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Publication numberUS7455789 B2
Publication typeGrant
Application numberUS 11/362,146
Publication dateNov 25, 2008
Filing dateFeb 27, 2006
Priority dateAug 1, 2002
Fee statusPaid
Also published asDE60313705D1, DE60313705T2, EP1387216A2, EP1387216A3, EP1387216B1, US7192529, US20040023162, US20060138080
Publication number11362146, 362146, US 7455789 B2, US 7455789B2, US-B2-7455789, US7455789 B2, US7455789B2
InventorsMitsuru Hasegawa, Akihiro Miyauchi
Original AssigneeHitachi, Ltd.
Export CitationBiBTeX, EndNote, RefMan
External Links: USPTO, USPTO Assignment, Espacenet
Stamper, lithographic method of using the stamper and method of forming a structure by a lithographic pattern
US 7455789 B2
Abstract
A stamper includes a substrate and a plurality of protrusions of different heights formed on one of the surfaces of the substrate, the protrusions of larger height having a stack structure formed of at least two layers of at least two types of materials, thereby transferring a plurality of patterns at the same time.
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Claims(3)
1. A method of forming a structure using a pattern transferred by a stamper, comprising:
the step of forming a resist pattern having n physical steps (n: an integer greater than one) on the surface of an object substrate by a stamper having a plurality of physical steps; and
selected one of the step of etching the surface of at least a recessed area of said resist pattern where said object substrate is exposed, and the step of forming a first structural material on the surface of said recessed area of said resist pattern where said object substrate is exposed;
the step of forming at least a new area of said resist pattern where said object substrate is exposed, by removing the resist of said resist pattern to the height of the first physical step from the surface of said object substrate;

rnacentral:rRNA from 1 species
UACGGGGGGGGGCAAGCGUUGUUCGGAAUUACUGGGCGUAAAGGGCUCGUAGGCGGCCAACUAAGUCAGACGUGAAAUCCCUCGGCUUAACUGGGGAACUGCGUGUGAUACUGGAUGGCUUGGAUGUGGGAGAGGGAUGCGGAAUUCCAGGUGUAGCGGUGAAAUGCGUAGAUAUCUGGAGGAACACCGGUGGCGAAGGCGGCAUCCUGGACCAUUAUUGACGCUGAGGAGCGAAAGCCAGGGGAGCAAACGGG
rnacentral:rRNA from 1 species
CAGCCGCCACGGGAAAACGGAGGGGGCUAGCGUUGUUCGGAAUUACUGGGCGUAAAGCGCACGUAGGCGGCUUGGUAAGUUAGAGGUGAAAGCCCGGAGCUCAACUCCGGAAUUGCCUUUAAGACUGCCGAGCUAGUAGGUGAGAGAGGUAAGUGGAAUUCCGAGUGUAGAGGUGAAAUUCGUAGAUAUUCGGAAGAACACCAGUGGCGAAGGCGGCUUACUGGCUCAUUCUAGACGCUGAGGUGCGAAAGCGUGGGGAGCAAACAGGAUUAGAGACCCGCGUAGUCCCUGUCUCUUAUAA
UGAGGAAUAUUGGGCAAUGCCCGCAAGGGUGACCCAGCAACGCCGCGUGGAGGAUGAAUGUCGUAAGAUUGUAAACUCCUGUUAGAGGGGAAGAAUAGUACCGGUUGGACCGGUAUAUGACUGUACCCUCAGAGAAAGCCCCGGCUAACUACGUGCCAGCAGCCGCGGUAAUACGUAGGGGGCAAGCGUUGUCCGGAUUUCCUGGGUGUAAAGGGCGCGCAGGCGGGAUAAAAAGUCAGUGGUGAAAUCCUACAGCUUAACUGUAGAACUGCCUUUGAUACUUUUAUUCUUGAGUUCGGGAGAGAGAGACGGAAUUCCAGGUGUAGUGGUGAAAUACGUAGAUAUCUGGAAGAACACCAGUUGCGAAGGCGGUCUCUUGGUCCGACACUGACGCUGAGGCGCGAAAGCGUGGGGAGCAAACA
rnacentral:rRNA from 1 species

selected one of the step of etching the surface of at least a recessed area of said resist pattern where said object substrate is exposed, and the step of forming at least a new structural material on the surface of the recessed area of said resist pattern including the surface of the structural material formed the immediately preceding time; and
forming at least a new area where the object substrate is exposed, by removing the resist to the height of the second physical step from the surface of said object substrate of said resist pattern;
said step of forming at least a new area being repeated up to n times.
2. A method of forming a structure according to claim 1,
wherein a step in case of using a translucent material as a structural material of the mth physical step (m≦n) includes the steps of:
forming said translucent material on the surface of said resist pattern and said area where said object substrate is exposed;
softening the surface of said resist in contact with said translucent material by radiating the light over the entire surface of said translucent material;
removing said softened area and said translucent material in contact with said softened area by developing said resist; and
forming at least a new area where said object substrate is exposed, by removing the resist to the height of the mth physical step of said resist pattern from said the surface of said object substrate.
3. A method of forming a structure according to claim 1,
wherein said selected one of the step of etching the surface of at least a recessed area of said resist pattern where said object substrate is exposed, and the step of forming a first structural material on the surface of said recessed area of said resist pattern where said object substrate is exposed is the step of forming the first structural material on the surface of the recessed area of said resist pattern where said object substrate is exposed.
Description

This application is a Divisional application of application Ser. No. 10/628,275, filed Jul. 29, 2003, now U.S. Pat. No. 7,192,529 the contents of which are incorporated herein by reference in their entirety.

BACKGROUND OF THE INVENTION

1. Field of the Invention

The present invention relates to a stamper, a lithographic method using the stamper and a method of forming a structure by a lithographic pattern.

2. Description of the Related Art